According to the sequential oral sensory (SOS) approach, feeding consists of a chain of 6 significant steps. And our task is to move your child along this chain.
- Tolerating the physical presence of food: First, your child has to feel comfortable simply being next to the food she doesn’t like. This might mean seeing it in front of her or just having it in the same room.
- Interacting with the food: Second, she needs to interact with the food, even if she doesn’t touch it. This might mean prodding at it with a napkin, for example.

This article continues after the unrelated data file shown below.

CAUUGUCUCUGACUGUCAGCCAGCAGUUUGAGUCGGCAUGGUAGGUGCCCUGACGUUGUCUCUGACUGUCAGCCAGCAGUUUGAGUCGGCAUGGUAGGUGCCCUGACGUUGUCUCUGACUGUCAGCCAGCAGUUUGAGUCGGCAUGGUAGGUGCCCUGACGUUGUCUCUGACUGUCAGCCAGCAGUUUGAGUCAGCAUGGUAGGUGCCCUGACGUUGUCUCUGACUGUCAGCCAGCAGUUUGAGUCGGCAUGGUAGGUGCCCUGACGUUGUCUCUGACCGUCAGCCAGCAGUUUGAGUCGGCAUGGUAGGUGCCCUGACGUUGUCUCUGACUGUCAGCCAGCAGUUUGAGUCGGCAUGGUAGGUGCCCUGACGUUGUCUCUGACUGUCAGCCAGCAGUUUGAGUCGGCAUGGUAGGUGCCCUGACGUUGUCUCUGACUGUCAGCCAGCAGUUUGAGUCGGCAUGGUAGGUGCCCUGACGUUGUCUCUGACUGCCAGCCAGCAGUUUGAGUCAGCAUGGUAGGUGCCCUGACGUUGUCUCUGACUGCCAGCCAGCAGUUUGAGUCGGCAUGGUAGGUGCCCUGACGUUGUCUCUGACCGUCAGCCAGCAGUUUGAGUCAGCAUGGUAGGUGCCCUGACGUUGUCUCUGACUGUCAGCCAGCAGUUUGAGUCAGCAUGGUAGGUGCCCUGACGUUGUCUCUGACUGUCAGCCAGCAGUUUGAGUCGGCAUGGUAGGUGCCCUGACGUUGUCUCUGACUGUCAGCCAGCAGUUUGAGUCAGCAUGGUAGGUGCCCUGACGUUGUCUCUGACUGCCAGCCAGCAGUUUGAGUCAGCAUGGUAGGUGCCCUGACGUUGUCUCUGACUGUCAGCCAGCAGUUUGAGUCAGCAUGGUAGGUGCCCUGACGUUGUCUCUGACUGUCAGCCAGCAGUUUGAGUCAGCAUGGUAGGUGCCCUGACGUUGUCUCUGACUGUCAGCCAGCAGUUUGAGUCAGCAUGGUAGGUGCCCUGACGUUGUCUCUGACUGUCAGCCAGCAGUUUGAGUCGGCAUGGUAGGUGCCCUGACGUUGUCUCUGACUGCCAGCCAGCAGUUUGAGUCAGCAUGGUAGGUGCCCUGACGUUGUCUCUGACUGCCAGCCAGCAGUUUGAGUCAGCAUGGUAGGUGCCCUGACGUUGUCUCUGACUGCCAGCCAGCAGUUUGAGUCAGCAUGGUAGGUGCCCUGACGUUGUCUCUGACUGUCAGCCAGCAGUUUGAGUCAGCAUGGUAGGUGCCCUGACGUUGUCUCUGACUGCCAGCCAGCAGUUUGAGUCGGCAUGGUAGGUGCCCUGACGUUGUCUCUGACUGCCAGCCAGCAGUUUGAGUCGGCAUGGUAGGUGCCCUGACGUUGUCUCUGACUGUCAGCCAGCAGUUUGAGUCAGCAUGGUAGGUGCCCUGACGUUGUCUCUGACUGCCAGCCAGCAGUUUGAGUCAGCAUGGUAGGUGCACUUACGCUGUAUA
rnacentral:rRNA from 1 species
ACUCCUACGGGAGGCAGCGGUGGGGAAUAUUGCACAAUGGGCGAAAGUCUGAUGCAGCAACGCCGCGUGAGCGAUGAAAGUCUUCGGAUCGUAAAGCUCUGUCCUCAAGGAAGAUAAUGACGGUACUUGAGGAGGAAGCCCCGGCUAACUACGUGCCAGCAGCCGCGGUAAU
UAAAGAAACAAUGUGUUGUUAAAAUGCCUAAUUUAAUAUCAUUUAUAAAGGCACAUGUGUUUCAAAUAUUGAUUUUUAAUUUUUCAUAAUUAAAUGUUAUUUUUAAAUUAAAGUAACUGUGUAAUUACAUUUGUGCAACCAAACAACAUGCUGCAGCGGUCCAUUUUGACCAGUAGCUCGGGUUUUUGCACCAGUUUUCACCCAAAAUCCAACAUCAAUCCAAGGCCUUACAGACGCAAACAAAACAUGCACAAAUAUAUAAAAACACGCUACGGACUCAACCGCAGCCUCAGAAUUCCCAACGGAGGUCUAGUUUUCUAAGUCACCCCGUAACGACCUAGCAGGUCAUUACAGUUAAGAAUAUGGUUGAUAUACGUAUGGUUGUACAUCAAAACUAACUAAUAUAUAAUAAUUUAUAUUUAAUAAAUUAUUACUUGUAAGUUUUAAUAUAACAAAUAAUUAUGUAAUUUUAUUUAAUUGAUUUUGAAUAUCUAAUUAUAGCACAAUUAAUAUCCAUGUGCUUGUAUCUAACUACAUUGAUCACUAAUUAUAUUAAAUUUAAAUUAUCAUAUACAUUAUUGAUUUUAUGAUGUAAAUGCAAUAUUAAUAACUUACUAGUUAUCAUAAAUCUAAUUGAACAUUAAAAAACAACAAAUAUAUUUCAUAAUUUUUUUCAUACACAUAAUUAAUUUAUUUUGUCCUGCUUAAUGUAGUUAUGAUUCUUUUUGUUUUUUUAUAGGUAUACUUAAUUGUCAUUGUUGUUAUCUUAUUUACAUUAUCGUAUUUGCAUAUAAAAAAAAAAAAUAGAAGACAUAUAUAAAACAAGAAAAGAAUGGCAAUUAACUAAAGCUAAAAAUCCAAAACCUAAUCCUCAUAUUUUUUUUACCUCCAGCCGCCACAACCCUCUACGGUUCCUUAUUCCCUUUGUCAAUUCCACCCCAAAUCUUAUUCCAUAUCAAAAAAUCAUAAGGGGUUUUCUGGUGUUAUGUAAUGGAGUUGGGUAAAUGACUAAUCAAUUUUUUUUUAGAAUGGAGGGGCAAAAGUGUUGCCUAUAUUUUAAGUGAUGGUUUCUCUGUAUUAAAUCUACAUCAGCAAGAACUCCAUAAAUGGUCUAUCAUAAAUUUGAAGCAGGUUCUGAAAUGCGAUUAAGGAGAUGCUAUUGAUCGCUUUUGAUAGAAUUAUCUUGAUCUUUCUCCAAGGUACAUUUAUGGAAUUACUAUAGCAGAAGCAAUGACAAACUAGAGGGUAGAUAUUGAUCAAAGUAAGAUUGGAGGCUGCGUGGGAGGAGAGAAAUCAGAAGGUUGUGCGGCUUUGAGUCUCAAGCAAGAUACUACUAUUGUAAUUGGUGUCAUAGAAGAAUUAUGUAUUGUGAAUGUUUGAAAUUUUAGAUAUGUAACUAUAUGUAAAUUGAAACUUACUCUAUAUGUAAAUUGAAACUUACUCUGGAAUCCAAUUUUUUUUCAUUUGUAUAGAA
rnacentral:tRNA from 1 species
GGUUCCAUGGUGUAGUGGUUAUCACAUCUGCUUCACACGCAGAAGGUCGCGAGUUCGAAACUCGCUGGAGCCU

- Being okay with its smell: Next, she needs to tolerate the food’s smell. This can be tough, especially with strong-smelling food like eggs or ham.
- Touching the food: Now it’s time to touch the food — either putting her fingers in it or bringing it to her nose to smell it some more.
- Tasting the food: This is the big one. She’ll need to lick it or put it in her mouth.
- Chewing and swallowing: The final step involves chewing and swallowing at least a part of what’s in her mouth. (Often, it’ll help to give her permission to spit food out if she doesn’t like it. This way, she’ll stop worrying about it tasting bad since she has a backup ‘eject’ button.)
We can move your child up the SOS ladder by making mealtime an extension of playtime.